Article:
As I write this, it is currently parent-teacher conference season. We've been in school for a couple of months, and finally it's time to meet with parents. Even though the day always feels like I've ran a marathon when it's over, it truly is enjoyable to sit down and talk with parents. In preparation for our fall conferences, I began to think about what goes into a good parent-teacher conference. I will discuss those points in this post.
1. Start With Positives
I think we hear this a lot, but I'm not sure we always adhere to it. Start with the positives. If you are starting with data, then at least don't start with the negatives. Beginning with the negatives will start your conference on a negative tone. That's not good for you or the parent. It can put up an invisible wall between you and the parent. Remember, we are stronger when we work together. We don't want to push parents away, and starting out negatively can do that. Every child is a person and has something wonderful about him or her. Draw on those positives and share it with the parents. This will help make it easier to flow into any areas of concerns and/or improvements later in the conference.
2. Remember Each Student is Someone's Precious Child
Sometimes behavior and other concerns become so large that, that's all we see. However, it's important that we keep the whole child in mind. Just as there are many factors that make up who we are as individuals, the same is true of our students. While we may hyper focus on certain aspects of our students, it's important to remember their organic, whole self. Each student is someone's precious child. This is to be honored and respected. Not only should this be kept in mind during conferences, but on a daily basis as well.
3. Have a Specific Format
If your conferences are going to flow smoothly, it's helpful to have a specific format that you follow. For example, I start my conferences with data from a phonemic awareness assessment and reading, highlighting what the child knows and can do well. Then I discuss areas of growth (as well as provide suggestions of practice, etc.). Following that, I discuss the student's writing. I show examples and draw on what the child is doing well, and, once again, then discuss goals and areas of growth. Next, I discuss math and, as the pattern goes, what he or she is doing well, followed by areas of growth. Last, I discuss the social and emotional aspects of the student. Having a solid format helps guide my conferences. This is especially helpful if I find myself sidetracked by questions or concerns by the parent. I can easily answer specific questions, and then go back to my format. It helps keep me centered.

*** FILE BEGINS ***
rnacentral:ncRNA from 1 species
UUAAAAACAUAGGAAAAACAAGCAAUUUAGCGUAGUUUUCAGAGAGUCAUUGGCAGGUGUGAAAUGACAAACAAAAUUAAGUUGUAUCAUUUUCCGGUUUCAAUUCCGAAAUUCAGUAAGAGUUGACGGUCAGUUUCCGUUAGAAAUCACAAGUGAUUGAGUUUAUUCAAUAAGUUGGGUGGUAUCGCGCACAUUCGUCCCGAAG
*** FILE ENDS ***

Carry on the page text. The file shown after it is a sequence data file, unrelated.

4. Don't Be Afraid to Ask Questions
You want to make sure to ask parents if they have any questions for you once you have finished. This lets them know that you have finished your part, but also that it's okay for them to ask anything they've been wondering about. Aside from this, however, it's important for you to ask parents questions you may have about your student. Sometimes I see a behavior in class and wonder if the same behavior is seen at home. This can be helpful and insightful, especially if I am looking for ways to work with this behavior. Asking questions can help you gather important information about your student, so don't be afraid to ask.
5. Sleep and Eat
The last important tip (and perhaps the most obvious but least followed) I have is to get a good night's sleep followed by a good breakfast in the morning. I always refer to parent-teacher conferences as a marathon day (we conduct ours during the school day, so students have the day off while we meet with parents) because it is nonstop and leaves me exhausted. There's probably no way around the nonstop aspect of it, but this is exactly why you need to start off strong. Getting a good night's sleep will allow you to enter the conferences energized and well rested. Having a healthy breakfast will provide you with fuel to maintain that energy. These two things seem small, but their impact is huge!
I hope these tips help you have amazing parent-teacher conferences. If they do, won't you leave me a comment and let me? I'd appreciate it!